1937- 38 Greenwood School Day Memories

November 17, 1998

contributed by Elaine (Wood) Greene/Jenson

My first day of school was almost a disaster for me. I hadn't been there very long when I had to go to the bathroom (toilet in those days). There were two outhouses one for the boys, and the other for the girls. I headed for one of them and all the kids hollered, "No! That's the wrong one". I turned sharply, heading for the other one and they hollered, "Wrong one!" So being I had to go, I opted for the one I had started for in the first place. As it turned out, it was the boyís toilet, and I can remember the stench of that one yet. The walls must have been saturated with urine.

I attended the same one-room school for all eight grades with only one exception--second grade.  That 1937-38 term, I spent at Christoferson School and my teacher was Hazel Woodward.

Since the second grade was the only year I did not attend the same school, I will talk about it first. My parents moved to area of Greenwood, Wisconsin, and I went to a country grade school there too. I lived about a mile and a half from the school, unless I cut across a couple of pastures rather than go around on the road. I had a little black and white dog, called Gypie and he use to try to follow me to school. My dad would spank him for it, but it didn't seem to help. One day as I was cutting through the pasture with Gypie following, a bull that I hadn't seen started to chase me. My dad could see what was happening and he started running down the drive way to the pasture, in the mean time Gypie thought it was great sport to chase that old bull, and distracted it long enough for me to run to the next fence, after that Gypie was never spanked again for following me to school. He always went back home when I got to the last fence anyway. But after that my parents made me go around the road even though it was farther. In the winter I use to ride most of the time, with a boy who had a dog sled, he was in the fourth grade and I in the second. But occasionally he would love to tease me. He, would make the dog run just fast enough so I couldn't catch him and I would get so angry with him. He lived four miles from the school, which is why he used the dog and sled. Then he would leave the dog and sled at my friendís place, which was right by the school. In the good weather he rode a pony, which he also left at this place. Sometimes when we walked which wasn't very often, we would play in the snow that the plow had piled up beside the road. One time we both decided to keep twisting and found we could each dig a hole in the bank straight down, and the hole I dug was near the edge and when I got it up to my shoulders, I found I couldnít get out. I was able to keep working in it until I got out on the road, but my friend had dug his hole farther from the road and then he couldn't get out. So we both decided that I should try and dig a tunnel straight in toward him. I did this and before very long my tunnel caved in and I had to start over. We kept this up and soon it was getting dark and there were two sets of parents pretty worried. Our parents came looking for us and just as they arrived, Wayne was able to get out. We each got a lecture about digging holes in snow banks, but I don't really think either one of us would have needed it because we were both scared when he got stuck. Then when it got dark we were even more scared. Although it never dawned on us that we could have been buried under that snow, especially when I was tunneling into that bank.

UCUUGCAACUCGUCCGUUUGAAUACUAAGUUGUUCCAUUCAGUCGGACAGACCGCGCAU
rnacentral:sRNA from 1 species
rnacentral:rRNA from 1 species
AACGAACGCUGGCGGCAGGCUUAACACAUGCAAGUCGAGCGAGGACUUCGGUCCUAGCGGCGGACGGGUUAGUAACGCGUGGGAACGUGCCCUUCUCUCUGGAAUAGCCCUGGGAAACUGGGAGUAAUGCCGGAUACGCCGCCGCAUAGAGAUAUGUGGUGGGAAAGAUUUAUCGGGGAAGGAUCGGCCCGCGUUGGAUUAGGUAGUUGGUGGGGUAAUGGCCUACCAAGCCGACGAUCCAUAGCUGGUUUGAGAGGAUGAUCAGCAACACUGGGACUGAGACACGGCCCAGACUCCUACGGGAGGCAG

The place we lived in at Greenwood had a windmill, which I thought was so neat because it pumped water for the cows. We still didn't have electricity at that place either, but the house was a much better house than the one we came from.

One afternoon in the fall I decided to leave school, and go home because my dad was filling silo, and I had never seen a silo filler so I wanted to see it. My mother checked the next day to see why school had let out early and that was when she found that I had just plain left. I took my dinner pail and books so the teacher told her, she thought I had gotten ill and left for home, the teacher hadnít bothered to check and my mother was not too happy at that point.

My mother paid that teacher a couple of visits. One time my mother had sent some canned peaches to school in my dinner pail and some boys got into my lunch and ate the peaches and then urinated in the jar, closed it up and put it back in my lunch pail. Of course they even told me what they did so I didn't bother to open the jar, but I did eat the sandwiches and when my mother found that jar of urine, and then found that I had eaten the rest of my lunch, after they had put the urine in, she about hit the ceiling. From then on my lunch was kept by the teacher's desk.

Another time the big boys in that school got a hold of my ears and each pulled a different direction and my ears tore loose from the top, and they were terribly sore, again my mother marched down to that school. For some reason the bigger boys in that school were always doing something and my mother would always be at the school shortly after.